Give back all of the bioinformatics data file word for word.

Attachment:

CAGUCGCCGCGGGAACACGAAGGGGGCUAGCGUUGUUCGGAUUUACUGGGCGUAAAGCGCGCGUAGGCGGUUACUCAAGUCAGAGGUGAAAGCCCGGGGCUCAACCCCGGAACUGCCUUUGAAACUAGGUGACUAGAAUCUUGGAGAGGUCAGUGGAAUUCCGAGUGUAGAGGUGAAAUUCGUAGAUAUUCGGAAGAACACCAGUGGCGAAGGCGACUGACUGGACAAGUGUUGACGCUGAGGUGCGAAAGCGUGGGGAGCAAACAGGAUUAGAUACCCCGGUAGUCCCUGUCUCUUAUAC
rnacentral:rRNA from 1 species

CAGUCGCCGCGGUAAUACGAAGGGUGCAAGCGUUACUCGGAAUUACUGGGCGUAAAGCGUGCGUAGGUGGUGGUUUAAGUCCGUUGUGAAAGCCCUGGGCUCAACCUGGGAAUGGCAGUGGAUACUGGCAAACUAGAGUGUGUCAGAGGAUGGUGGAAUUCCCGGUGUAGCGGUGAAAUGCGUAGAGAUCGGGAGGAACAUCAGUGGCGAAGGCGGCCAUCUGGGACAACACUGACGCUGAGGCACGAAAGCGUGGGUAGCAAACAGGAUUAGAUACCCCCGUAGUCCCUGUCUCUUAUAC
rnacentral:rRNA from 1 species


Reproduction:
CAGUCGCCGCGGGAACACGAAGGGGGCUAGCGUUGUUCGGAUUUACUGGGCGUAAAGCGCGCGUAGGCGGUUACUCAAGUCAGAGGUGAAAGCCCGGGGCUCAACCCCGGAACUGCCUUUGAAACUAGGUGACUAGAAUCUUGGAGAGGUCAGUGGAAUUCCGAGUGUAGAGGUGAAAUUCGUAGAUAUUCGGAAGAACACCAGUGGCGAAGGCGACUGACUGGACAAGUGUUGACGCUGAGGUGCGAAAGCGUGGGGAGCAAACAGGAUUAGAUACCCCGGUAGUCCCUGUCUCUUAUAC
rnacentral:rRNA from 1 species

CAGUCGCCGCGGUAAUACGAAGGGUGCAAGCGUUACUCGGAAUUACUGGGCGUAAAGCGUGCGUAGGUGGUGGUUUAAGUCCGUUGUGAAAGCCCUGGGCUCAACCUGGGAAUGGCAGUGGAUACUGGCAAACUAGAGUGUGUCAGAGGAUGGUGGAAUUCCCGGUGUAGCGGUGAAAUGCGUAGAGAUCGGGAGGAACAUCAGUGGCGAAGGCGGCCAUCUGGGACAACACUGACGCUGAGGCACGAAAGCGUGGGUAGCAAACAGGAUUAGAUACCCCCGUAGUCCCUGUCUCUUAUAC
rnacentral:rRNA from 1 species